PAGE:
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Don't Buy Progressives' Medical Debt Myth

The opinions expressed by columnists are their own and do not necessarily represent the views of Townhall.com.
AP Photo/Jacquelyn Martin

More than four in ten adults have medical debt, according to recent research from the Kaiser Family Foundation. 

That has prompted several states to take action. Arizona voters recently approved a ballot measure capping interest rates on medical debt and protecting more personal property from creditors. New York has enacted legislation prohibiting healthcare providers from placing liens on primary residences or garnishing wages to collect debts. Lawmakers in Toledo, Ohio, plan to use federal dollars from the American Rescue Plan Act to retire medical debt. 


But the extent of this supposed crisis is overblown. Medical bills account for a small share of Americans' debt burden. And by and large, they're not driving people into financial ruin. 

Research from Kaiser pegs total U.S. medical debt at $195 billion as of 2019. That's no small number. But a small share of people accounts for the lion's share of the nation's total debt load. 

About one-third of Americans with medical debt owe less than $1,000. Three-quarters owe less than $5,000.

And of course, six in ten Americans report no medical debt at all.

Further, most Americans have plans in place to pay off unexpected medical bills. Half say they'd pay a $500 charge right away without incurring interest; another 21% say they'd put it on a credit card and pay over time.

Even among those who have or have had medical debt, more than one-third say they'd be able to handle that unexpected $500 charge out of pocket. Another third would pay it off over time on a credit card or through a payment plan with a provider.

It's also important to note that medical debt pales in comparison to the other debt many Americans freely take on. The typical American holds over $96,000 in debt.


The average auto loan balance in 2021 was nearly $21,000, according to data from the credit-reporting agency Experian. The average personal loan balance exceeded $17,000, while the average mortgage balance was over $220,000.

Imagine a person with a car loan, a mortgage, and a credit card balance finds himself facing financial troubles after an unexpected medical bill. How can we conclude that the medical debt is what pushed him to the precipice of financial ruin, when there were plenty of other debts stressing his finances? 

This hasn't stopped progressives like Sen. Bernie Sanders, I-Vt., from portraying a national medical debt crisis as proof that the healthcare status quo is broken -- and that making health care "free" at the point of access a la Medicare for All is the best path forward.

Last year, the Vermont socialist called for the cancellation of all medical debt. Back in 2019, he alleged that "500,000 Americans will go bankrupt this year from medical bills." That year, he asked, rhetorically, "How barbaric is a system that says, 'I’m going to destroy your family’s finances because you had cancer'?"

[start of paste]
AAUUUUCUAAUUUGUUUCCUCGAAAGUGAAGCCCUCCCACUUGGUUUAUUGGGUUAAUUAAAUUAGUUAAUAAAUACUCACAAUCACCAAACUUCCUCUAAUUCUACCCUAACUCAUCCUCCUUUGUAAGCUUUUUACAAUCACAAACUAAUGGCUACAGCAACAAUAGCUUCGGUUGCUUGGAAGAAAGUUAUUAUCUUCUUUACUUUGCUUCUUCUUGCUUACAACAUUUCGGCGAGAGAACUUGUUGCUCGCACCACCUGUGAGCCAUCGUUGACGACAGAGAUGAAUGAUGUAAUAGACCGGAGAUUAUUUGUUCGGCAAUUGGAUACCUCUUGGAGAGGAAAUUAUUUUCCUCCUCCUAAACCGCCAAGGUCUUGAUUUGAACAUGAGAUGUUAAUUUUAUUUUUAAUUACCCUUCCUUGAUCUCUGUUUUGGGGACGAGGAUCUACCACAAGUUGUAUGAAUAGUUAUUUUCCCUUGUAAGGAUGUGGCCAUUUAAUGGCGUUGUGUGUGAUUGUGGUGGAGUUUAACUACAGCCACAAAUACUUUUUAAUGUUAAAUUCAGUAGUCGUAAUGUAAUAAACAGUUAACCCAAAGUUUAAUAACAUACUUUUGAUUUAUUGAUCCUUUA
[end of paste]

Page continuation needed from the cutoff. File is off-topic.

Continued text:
But that number is a massive exaggeration. A peer-reviewed study published in the New England Journal of Medicine in 2018 looked at the share of people with medical bills who declared bankruptcy, rather than how many bankruptcy filings included medical debt. The upshot? Approximately 4% of bankruptcies were caused by hospitalizations.


Even if medical debt were causing hundreds of thousands of Americans to go bankrupt each year, there's no reason to believe that injecting more government control into the healthcare system would minimize costs. 

Consider that the share of people who filed for bankruptcy and listed medical expenses as a contributor actually went up about 2 percentage points after Obamacare was enacted. 

Or look at Canada. Under our northern neighbor's government-run healthcare system, patients don't pay anything out-of-pocket at the doctor's office. But they pay dearly in taxes. The average Canadian family of four making just over $150,000 per year pays more than $15,800 in taxes for their health care. 

And not even "free" health care is saving them from financial ruin. Canadians declare bankruptcy at a higher rate than their American counterparts. In 2021, that rate was 2.3 bankruptcies per 1,000 people -- compared to the U.S. rate of 1.2 bankruptcies per 1,000 people.

Medical debt is a burden for a vanishingly small portion of the U.S. population. The scope of the problem does not warrant the level of government intervention -- or taxpayer spending -- it is commanding.


Sally C. Pipes is President, CEO, and Thomas W. Smith Fellow in Health Care Policy at the Pacific Research Institute. Her latest book is False Premise, False Promise: The Disastrous Reality of Medicare for All (Encounter 2020). Follow her on Twitter @sallypipes.

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